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P09.06 High prevalence of genital infections with mycoplasma genitalium in female sex workers reached at their working place in germany: the sti-outreach-study
  1. K Jansen1,
  2. V Bremer1,
  3. G Steffen1,
  4. N Sarma1,
  5. S Nielsen1,
  6. D Münstermann2,
  7. A Lucht2,
  8. C Tiemann2
  1. 1HIV and STI Unit, Robert Koch-Institute, Berlin, Germany
  2. 2Labor Krone, Bad Salzuflen, Germany


Background Data on Mycoplasma genitalium (MG) in female sex workers (FSW) is scarce. FSW without regular contact to public health services may be at high risk for STI. Amongst other STI, we measured prevalence of MG among FSW at their workplace to identify most vulnerable subgroups and to plan effective interventions.

Methods Outreach-workers screened FSW in Berlin, Hamburg, and North Rhine-Westphalia for MG using self-collected vaginal swabs. Swabs were analysed by TMA (APTIMA® Mycoplasma genitalium assay, RUO). We collected data on sociodemographics, duration of sex work and access to medical care through cultural mediators. We fitted multivariate logistic regression models to calculate adjusted odds ratio (aOR) and 95% confidence intervals (95 CI) for diagnosis of MG.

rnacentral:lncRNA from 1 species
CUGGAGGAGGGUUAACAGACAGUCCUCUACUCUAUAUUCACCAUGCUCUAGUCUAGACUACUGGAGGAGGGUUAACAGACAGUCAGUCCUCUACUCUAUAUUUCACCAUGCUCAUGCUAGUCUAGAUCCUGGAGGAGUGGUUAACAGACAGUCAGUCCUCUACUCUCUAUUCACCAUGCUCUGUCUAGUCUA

Results Overall, 1,445 FSW working at 292 places were enrolled. 88% of FSW were born abroad, 28% in Romania, 21% in Bulgaria. 41% of non-Germans had no German skills. German and non-German FSW differed regarding existing health insurance (89% vs. 21%, p < 0.01) and ever attending low threshold STI clinics (70% vs. 43%, p < 0.01). FSW worked in brothels (26%), clubs/bars (20%), rented rooms inside brothels (18%), apartments (14%), saunaclubs (9%) and on the street (7%).

Prevalence of MG was 18%. Of MG-positive FSW, 18% were coinfected with chlamydia or trichomonas respectively, 9% with gonorrhoea. Diagnosis of MG was associated with younger age (aOR = 0.97; 95 CI = 0.95–0.99, per year increasing), being born in Bulgaria (aOR = 2.9; 95 CI = 1.2–7.2) or Romania (aOR = 3.4; 95 CI = 1.4–8.3; reference Germany), having no German skills (aOR = 3.1; 95 CI = 1.2–8.0), having no health insurance (aOR = 1.8; 95 CI = 1.0–3.2), and an interaction term of German skills and health insurance status.

Conclusion Prevalences of MG and STI-coinfections were high in the tested population, especially in younger, migrated FSW, without German skills and health insurance. Tests for MG, and if tested positive, for chlamydia, trichomonas and gonorrhoea, should be offered for FSW, combined with cultural mediation.

Disclosure of interest statement The testkits and reagents used in the scope of the study were distributed free of cost by Hologic.

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